New Competitors

An influx of new competitors into subprime auto-lending since 2010 is sparking concern of eroding underwriting standards, according to S&P. About 13 issuers have accessed the asset-backed market to fund subprime auto loan originations this year, according to Citigroup Inc.

Among the issuers accessing the asset-backed market this year are GM Financial, the lender founded in 1992 and known as AmeriCredit before it was acquired by General Motors Co. in 2010, and new entrants such as Blackstone Group LP’s Exeter Financial Corp.

“We are still skeptical that all of today’s subprime auto players will thrive,” Citigroup analysts led by Mary Kane said in an Oct. 10 report. The successful companies will be those that can underwrite and collect on loans while holding costs and defaults to a minimum, the Citigroup report said.

Exeter Finance

Consider Exeter Finance Corp., which was acquired by Blackstone Group LP in 2011. Moody’s Investors Service won’t grant high-investment-grade rankings to asset-backed deals sold by the Irving, Texas-based company, citing its limited experience and performance history.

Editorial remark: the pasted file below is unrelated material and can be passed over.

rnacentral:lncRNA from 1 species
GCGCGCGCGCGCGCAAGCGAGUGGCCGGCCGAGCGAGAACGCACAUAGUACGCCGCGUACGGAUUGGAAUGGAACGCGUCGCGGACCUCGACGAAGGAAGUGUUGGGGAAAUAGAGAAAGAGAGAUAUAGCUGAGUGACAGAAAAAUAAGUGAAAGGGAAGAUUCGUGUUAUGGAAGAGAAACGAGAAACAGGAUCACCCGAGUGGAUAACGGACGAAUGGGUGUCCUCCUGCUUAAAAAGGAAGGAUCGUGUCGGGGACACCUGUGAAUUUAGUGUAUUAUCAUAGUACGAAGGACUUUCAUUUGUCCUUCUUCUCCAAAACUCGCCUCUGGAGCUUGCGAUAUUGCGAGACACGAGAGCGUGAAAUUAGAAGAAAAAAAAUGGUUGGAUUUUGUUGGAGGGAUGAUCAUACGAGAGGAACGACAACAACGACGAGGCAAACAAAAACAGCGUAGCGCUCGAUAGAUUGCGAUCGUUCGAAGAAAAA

It has had higher loss rates compared with other lenders, S&P said in a Sept. 17 report. Julie Weems, a spokeswoman for Exeter, declined to comment on the company’s losses.

Exeter has issued $900 million of the bonds this year, including $589 million of securities rated AAA by Toronto-based DBRS LTD and AA by S&P, data compiled by Bloomberg show.

In Exeter’s most recent deal in September, a $500 million issue backed by 26,591 loans, the average loan was 112.4 percent of the value of the car, up from 111.9 percent in a previous offering sold in May, according to a presale report from S&P. The average loan-to-value ratio, or LTV, on vehicle sales to consumers with spotty credit is 114.5 percent this year, compared with a peak of 121 percent in 2008.

Financial Crisis

Higher LTV ratios typically lead to lower recovery values when a vehicle is repossessed in the event of default, and borrowers are less able to stay current if they owe more than the car is worth, S&P said.

The company sold the top-ranked bonds maturing in about a year to yield 1.49 percent in September, compared with 1.29 percent in the May issue, data compiled by Bloomberg show. Ford Motor Co.’s finance arm paid 0.55 percent to issue bonds with a similar maturity linked to prime customers on its most recent offering in July, data compiled by Bloomberg show.

U.S. auto sales, on pace for the best year since 2007, are increasingly being fueled by borrowers with imperfect credit as such lending also soars to pre-recession levels. U.S. auto sales averaged 16.8 million a year from 2000 to 2007 and may rise to 16.1 million next year, the average of 13 analyst estimates in a Bloomberg survey.